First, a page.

Actually, ignore that, it's not due west of the last fix at all. Looks like Emily is finally headed NW.
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The HH is now flying due East along the 17 degree lat line , perhaps looking to see if the 1003 mb reading is "circling around"
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1617. ncstorm
959 mb..a category 3
Member Since: August 19, 2006 Posts: 13 Comments: 16215


964 mb. All you people in SC/NC better hope this recurves sharply, although you look safe in this run so far :P
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Quoting IceCoast:
Recon just made another center pass. ~1004.4mb this time.


Slightly higher pressure, but more notably....

Due west of the previous fix. I don't see this weakening much over Hispaniola/Cuba, should avoid the highest areas. I still think this is going to come pretty close to Florida.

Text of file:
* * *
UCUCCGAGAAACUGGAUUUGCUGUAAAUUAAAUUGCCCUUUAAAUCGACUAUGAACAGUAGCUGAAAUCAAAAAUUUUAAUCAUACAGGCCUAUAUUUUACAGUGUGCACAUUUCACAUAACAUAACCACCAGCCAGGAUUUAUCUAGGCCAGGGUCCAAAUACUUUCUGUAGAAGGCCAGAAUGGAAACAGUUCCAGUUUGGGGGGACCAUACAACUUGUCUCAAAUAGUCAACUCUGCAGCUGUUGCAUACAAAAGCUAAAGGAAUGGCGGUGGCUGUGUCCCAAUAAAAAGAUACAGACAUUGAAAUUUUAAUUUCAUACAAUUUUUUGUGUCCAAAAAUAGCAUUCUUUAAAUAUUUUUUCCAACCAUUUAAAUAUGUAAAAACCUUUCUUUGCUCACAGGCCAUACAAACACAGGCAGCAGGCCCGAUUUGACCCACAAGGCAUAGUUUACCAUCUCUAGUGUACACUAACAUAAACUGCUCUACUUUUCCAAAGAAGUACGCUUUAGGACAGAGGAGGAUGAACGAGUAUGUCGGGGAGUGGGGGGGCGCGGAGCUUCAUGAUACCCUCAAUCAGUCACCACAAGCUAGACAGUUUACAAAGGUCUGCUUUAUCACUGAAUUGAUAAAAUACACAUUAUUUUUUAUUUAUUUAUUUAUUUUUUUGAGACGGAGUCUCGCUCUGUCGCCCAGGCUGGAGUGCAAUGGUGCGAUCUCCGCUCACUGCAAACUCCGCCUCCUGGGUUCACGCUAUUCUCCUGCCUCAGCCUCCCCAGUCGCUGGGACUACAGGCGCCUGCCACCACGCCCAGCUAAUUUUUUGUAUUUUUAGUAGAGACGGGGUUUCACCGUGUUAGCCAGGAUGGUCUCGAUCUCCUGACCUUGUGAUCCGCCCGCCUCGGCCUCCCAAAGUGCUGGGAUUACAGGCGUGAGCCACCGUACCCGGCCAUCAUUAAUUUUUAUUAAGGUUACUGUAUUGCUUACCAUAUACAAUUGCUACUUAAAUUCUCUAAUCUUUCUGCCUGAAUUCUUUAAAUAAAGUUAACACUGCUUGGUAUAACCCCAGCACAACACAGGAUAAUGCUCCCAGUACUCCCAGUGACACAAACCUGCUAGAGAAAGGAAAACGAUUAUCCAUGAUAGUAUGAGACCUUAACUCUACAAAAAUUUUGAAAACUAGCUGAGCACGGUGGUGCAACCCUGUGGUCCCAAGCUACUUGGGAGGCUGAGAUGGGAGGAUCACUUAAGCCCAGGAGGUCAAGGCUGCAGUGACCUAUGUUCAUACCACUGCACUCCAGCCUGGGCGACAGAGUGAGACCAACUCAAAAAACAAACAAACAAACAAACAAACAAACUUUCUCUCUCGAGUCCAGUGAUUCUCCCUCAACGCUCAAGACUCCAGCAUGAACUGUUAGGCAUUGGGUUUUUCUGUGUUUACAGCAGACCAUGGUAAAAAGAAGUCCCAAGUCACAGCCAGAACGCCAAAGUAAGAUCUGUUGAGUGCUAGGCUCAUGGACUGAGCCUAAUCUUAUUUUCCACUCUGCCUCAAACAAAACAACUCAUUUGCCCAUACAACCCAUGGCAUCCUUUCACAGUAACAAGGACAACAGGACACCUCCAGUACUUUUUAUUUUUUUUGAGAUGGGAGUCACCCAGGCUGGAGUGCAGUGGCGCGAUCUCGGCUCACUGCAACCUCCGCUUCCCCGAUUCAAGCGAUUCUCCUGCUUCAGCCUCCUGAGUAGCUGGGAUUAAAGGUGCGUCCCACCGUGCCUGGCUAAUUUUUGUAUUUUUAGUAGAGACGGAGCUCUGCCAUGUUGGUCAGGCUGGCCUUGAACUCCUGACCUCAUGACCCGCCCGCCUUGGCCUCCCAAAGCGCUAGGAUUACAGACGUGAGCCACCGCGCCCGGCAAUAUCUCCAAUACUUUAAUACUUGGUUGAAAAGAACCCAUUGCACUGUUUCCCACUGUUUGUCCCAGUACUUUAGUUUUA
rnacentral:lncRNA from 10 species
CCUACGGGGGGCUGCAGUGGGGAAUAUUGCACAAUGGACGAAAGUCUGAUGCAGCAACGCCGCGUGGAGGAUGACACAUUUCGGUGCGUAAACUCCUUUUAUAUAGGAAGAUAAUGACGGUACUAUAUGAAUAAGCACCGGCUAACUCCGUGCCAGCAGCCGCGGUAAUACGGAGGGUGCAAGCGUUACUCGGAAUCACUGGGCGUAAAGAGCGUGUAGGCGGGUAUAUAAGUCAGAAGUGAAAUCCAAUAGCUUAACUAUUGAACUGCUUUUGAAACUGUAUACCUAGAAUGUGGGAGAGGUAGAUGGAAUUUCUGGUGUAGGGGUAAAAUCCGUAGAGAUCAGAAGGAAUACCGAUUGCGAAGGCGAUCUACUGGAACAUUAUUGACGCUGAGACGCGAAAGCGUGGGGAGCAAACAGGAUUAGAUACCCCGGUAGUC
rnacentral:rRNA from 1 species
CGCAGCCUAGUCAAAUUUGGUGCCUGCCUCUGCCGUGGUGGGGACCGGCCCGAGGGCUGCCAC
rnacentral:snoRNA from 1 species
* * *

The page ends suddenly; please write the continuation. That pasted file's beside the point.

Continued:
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1614. hotrods
18z has it sitting right over my house! Not good!
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Quoting GTcooliebai:
looking more and more like David, also do you think the NHC will shift the cone to the left some because of this?
It's definitely a start. I wanna see what the 00z plots show in about an hour.

Personally, I do expect a shift towards the west at 11p.m, let's see what the models show though before jumping the gun.
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Quoting WatcherCI:
Do not know if this has already been talked about, only read the last 40 posts. Nice little spin at 69 21ish?

maybe that is the MLC dying off up there?
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Quoting Seflhurricane:
i would save that statement for tomorrow morning lets see how it does


tomorrow will take care of itself, so will Emily, tomorrow never really comes :) j/k I understand what you're saying!